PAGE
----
The Superconducting Submillimeter-Wave Limb-Emission Sounder (SMILES) is the first onboard mechanically cooled superconducting mixer and high-resolution system for measuring atmospheric minor constituents related to stratospheric and mesospheric chemistry. SMILES collected high-quality observation data for six months until the instrument encountered trouble. These data indicate the excellent performance of the SMILES instrument as the data analysis progressed, and the data are expected to produce a mine of new scientific information.
The main scientific objective of the SMILES mission is to study the recovery and stability of the stratospheric ozone, also known as the ozone layer. Some numeric atmospheric model calculations have suggested that global ozone levels will recover to pre-1980 levels around the middle of the 21st century. However, there are still considerable uncertainties affecting ozone levels, especially in the bromine budget and chemical processes of inorganic chlorine. In addition, stratospheric cooling due to increases in greenhouse gases in the troposphere may affect the trend and the stability of the ozone layer. The SMILES mission contributes to these studies by focusing on the detailed halogen chemistry related to ozone destruction processes.
SMILES was launched to the International Space Station on Sept. 11, 2009, with Konotori1 on the HIIB launch vehicle from Tanegashima Space Center in Japan. After being attached to a port of the Exposed Facility of Kibo (Japanese Experiment Module) on the station Sept. 25, the instrument passed several critical onboard tests. The nominal continuous observation of the Earth’s atmosphere started Oct. 12. SMILES performed observation for about six months, until a component of the instrument broke down on Apr. 21, 2010.
SMILES detected weak radiation from atmospheric constituents in the submillimeter wavelength region (0.46-0.48 millimeters of wavelength, which corresponds with 624-650 gigahertz of frequency). By calculating the strength of spectral lines coming from various molecular species, the abundance of the species can be retrieved.
One sample (snapshot) of the global distribution of atmospheric constituents retrieved from SMILES observation is the ozone depletion and related change in the amount of chlorine compounds around the North Pole. In winter 2010, planetary waves in the stratosphere became vigorous, resulting in a stratospheric sudden warming event at high latitudes [about 104 °F (40 °C) increase of temperature within several days]. A heterogeneous chemistry process has been underway during this term, and gaseous hydrochloric acid, or HCL, decreased within the polar vortex. At the same time, chlorine chemistry was activated by solar radiation outside the polar night region, resulting in the high chlorine monoxide, or ClO, region. In this region, ozone destruction occurred. SMILES can determine such phenomena with high resolution simultaneously in different regions.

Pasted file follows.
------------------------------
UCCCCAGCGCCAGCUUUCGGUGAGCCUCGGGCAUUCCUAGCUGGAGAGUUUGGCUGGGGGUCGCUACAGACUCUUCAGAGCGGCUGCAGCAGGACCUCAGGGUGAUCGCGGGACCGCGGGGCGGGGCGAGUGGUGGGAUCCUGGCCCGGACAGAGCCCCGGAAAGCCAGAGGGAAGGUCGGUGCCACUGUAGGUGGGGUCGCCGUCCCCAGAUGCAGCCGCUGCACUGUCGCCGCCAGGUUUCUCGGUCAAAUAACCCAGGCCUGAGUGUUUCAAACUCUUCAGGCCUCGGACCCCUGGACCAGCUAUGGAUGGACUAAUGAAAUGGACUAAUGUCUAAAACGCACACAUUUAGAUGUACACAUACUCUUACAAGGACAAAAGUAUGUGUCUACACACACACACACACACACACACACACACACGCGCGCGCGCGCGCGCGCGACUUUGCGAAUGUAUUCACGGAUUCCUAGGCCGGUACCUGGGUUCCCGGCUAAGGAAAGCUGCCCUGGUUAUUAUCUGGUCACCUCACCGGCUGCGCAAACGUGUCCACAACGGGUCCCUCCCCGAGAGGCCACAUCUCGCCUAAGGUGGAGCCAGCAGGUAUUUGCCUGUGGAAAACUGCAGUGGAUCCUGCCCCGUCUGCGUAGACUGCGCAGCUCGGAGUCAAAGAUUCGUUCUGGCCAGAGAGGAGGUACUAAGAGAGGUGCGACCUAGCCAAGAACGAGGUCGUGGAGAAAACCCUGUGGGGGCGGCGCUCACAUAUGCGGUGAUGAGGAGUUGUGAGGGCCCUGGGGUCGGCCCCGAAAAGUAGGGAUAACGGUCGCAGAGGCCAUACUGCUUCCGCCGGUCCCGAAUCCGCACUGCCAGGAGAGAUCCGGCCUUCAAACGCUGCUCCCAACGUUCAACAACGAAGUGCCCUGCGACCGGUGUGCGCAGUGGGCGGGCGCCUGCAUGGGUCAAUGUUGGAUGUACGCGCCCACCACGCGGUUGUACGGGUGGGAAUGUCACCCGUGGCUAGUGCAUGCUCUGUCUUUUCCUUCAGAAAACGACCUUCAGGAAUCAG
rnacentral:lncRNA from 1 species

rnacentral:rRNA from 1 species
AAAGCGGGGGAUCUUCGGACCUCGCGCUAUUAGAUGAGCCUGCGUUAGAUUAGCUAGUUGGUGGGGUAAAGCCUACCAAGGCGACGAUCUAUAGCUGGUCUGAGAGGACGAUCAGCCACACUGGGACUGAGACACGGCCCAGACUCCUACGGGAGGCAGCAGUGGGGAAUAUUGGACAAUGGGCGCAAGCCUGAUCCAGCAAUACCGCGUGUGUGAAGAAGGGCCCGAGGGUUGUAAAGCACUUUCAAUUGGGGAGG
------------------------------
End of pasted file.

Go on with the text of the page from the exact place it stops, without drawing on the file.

In the brightness temperature spectra obtained from SMILES observation data, strong ozone and hydrochloric acid lines with other minor peaks of hypochlorous acid, or HOCl; nitric acid, or HNO3; bromine oxide, or BrO; and ozone isotopes can be seen. The noise level of the brightness temperature is around 0.4 Kelvin, which is at least one digit smaller than other space-borne limb sounders.
During the first stage of SMILES instrument development, the current literature-based spectroscopic values were used to set the parameters for the spectrometer. The extremely high performance of the spectroscopy with SMILES has led researchers to reevaluate known atmospheric science data and to develop additional atmospheric investigations to test new parameters.
SMILES was successfully launched and performed atmospheric observation with its high spectral resolution. Unfortunately, its operation was terminated after six months of observation; but the observation data indicated the outstanding performance of the SMILES instrument. Preliminary scientific results are reasonable and consistent with the results of other space-borne measurements. It is expected that undiscovered information will be found in the data collected over the six months of operation. Further studies related to data processing and analysis will be necessary to determine the real performance of SMILES instrument.
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